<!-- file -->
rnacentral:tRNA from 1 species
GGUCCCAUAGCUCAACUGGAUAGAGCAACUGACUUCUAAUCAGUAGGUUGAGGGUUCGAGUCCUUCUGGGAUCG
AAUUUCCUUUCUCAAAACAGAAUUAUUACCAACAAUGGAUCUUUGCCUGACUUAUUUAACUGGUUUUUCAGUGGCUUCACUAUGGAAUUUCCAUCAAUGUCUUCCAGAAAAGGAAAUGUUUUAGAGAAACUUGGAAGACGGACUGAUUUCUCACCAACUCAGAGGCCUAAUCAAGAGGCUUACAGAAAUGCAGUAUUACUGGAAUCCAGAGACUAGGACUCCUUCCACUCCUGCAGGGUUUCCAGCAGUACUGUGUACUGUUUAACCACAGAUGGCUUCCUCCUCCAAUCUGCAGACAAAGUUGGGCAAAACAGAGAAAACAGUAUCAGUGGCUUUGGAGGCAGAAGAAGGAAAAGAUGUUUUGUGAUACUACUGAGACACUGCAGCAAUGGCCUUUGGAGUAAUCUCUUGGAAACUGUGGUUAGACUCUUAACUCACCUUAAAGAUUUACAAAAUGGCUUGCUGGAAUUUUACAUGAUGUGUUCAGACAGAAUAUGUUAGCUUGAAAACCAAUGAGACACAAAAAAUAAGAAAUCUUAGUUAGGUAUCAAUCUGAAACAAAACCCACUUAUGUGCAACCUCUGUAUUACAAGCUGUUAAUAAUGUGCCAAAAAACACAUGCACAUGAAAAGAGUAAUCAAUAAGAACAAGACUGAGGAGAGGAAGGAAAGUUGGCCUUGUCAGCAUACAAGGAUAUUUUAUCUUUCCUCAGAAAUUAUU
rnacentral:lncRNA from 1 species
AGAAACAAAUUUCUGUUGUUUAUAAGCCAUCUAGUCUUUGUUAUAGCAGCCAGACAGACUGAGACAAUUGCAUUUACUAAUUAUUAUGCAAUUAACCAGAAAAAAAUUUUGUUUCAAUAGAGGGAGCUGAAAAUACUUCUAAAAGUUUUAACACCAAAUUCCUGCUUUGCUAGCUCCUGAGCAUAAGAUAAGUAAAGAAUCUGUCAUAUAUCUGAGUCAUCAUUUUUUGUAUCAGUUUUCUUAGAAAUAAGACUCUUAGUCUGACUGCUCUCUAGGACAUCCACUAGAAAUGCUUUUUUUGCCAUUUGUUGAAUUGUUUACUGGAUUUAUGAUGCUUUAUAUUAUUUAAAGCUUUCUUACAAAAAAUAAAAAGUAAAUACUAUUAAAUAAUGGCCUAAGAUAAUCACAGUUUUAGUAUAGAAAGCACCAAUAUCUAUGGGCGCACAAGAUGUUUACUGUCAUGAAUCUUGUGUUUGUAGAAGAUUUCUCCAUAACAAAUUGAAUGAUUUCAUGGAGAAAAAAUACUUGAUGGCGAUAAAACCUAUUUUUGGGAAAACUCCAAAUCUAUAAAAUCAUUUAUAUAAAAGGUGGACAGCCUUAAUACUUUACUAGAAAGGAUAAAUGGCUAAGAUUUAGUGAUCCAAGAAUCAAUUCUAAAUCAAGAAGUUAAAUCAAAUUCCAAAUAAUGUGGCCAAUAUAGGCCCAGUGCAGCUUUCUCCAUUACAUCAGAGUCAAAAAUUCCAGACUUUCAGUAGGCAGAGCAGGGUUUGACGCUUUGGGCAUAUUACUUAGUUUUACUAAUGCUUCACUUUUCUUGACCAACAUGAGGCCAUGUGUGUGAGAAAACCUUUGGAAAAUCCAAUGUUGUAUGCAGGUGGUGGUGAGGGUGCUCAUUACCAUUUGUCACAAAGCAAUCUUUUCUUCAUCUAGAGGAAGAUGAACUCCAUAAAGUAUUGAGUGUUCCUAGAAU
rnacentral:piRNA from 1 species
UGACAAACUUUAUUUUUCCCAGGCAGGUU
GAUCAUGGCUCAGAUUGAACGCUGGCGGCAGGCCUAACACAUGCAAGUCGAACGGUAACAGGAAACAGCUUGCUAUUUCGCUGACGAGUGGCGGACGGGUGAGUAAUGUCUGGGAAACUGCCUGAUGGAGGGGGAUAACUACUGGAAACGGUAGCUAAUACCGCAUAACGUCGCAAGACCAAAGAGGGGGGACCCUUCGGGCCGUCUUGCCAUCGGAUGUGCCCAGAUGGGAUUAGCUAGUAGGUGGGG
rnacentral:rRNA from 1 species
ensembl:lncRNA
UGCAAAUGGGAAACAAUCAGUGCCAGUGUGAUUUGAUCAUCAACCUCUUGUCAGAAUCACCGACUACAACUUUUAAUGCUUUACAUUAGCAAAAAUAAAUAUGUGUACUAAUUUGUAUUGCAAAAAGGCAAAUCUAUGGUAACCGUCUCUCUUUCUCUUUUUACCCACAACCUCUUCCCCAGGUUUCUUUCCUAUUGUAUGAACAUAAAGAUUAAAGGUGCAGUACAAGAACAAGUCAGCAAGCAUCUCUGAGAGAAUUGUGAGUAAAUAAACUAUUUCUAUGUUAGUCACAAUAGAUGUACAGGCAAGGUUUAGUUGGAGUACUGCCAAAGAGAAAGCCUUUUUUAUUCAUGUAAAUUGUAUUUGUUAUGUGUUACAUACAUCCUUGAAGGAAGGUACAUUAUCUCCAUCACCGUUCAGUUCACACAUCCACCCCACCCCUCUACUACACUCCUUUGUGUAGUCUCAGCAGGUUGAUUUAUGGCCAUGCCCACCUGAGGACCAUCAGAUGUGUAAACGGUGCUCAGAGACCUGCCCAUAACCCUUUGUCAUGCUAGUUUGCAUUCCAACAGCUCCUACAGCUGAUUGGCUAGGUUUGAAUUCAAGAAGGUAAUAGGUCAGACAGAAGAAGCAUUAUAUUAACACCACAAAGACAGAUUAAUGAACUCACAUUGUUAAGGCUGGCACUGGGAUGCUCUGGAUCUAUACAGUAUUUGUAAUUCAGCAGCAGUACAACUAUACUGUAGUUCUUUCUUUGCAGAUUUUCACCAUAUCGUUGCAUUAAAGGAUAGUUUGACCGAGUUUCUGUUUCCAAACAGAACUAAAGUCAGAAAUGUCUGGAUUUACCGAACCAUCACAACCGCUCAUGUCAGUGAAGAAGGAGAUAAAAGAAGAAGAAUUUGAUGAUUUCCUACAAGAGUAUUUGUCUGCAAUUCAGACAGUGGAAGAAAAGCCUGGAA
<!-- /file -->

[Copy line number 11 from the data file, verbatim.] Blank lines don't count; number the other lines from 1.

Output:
UGCAAAUGGGAAACAAUCAGUGCCAGUGUGAUUUGAUCAUCAACCUCUUGUCAGAAUCACCGACUACAACUUUUAAUGCUUUACAUUAGCAAAAAUAAAUAUGUGUACUAAUUUGUAUUGCAAAAAGGCAAAUCUAUGGUAACCGUCUCUCUUUCUCUUUUUACCCACAACCUCUUCCCCAGGUUUCUUUCCUAUUGUAUGAACAUAAAGAUUAAAGGUGCAGUACAAGAACAAGUCAGCAAGCAUCUCUGAGAGAAUUGUGAGUAAAUAAACUAUUUCUAUGUUAGUCACAAUAGAUGUACAGGCAAGGUUUAGUUGGAGUACUGCCAAAGAGAAAGCCUUUUUUAUUCAUGUAAAUUGUAUUUGUUAUGUGUUACAUACAUCCUUGAAGGAAGGUACAUUAUCUCCAUCACCGUUCAGUUCACACAUCCACCCCACCCCUCUACUACACUCCUUUGUGUAGUCUCAGCAGGUUGAUUUAUGGCCAUGCCCACCUGAGGACCAUCAGAUGUGUAAACGGUGCUCAGAGACCUGCCCAUAACCCUUUGUCAUGCUAGUUUGCAUUCCAACAGCUCCUACAGCUGAUUGGCUAGGUUUGAAUUCAAGAAGGUAAUAGGUCAGACAGAAGAAGCAUUAUAUUAACACCACAAAGACAGAUUAAUGAACUCACAUUGUUAAGGCUGGCACUGGGAUGCUCUGGAUCUAUACAGUAUUUGUAAUUCAGCAGCAGUACAACUAUACUGUAGUUCUUUCUUUGCAGAUUUUCACCAUAUCGUUGCAUUAAAGGAUAGUUUGACCGAGUUUCUGUUUCCAAACAGAACUAAAGUCAGAAAUGUCUGGAUUUACCGAACCAUCACAACCGCUCAUGUCAGUGAAGAAGGAGAUAAAAGAAGAAGAAUUUGAUGAUUUCCUACAAGAGUAUUUGUCUGCAAUUCAGACAGUGGAAGAAAAGCCUGGAA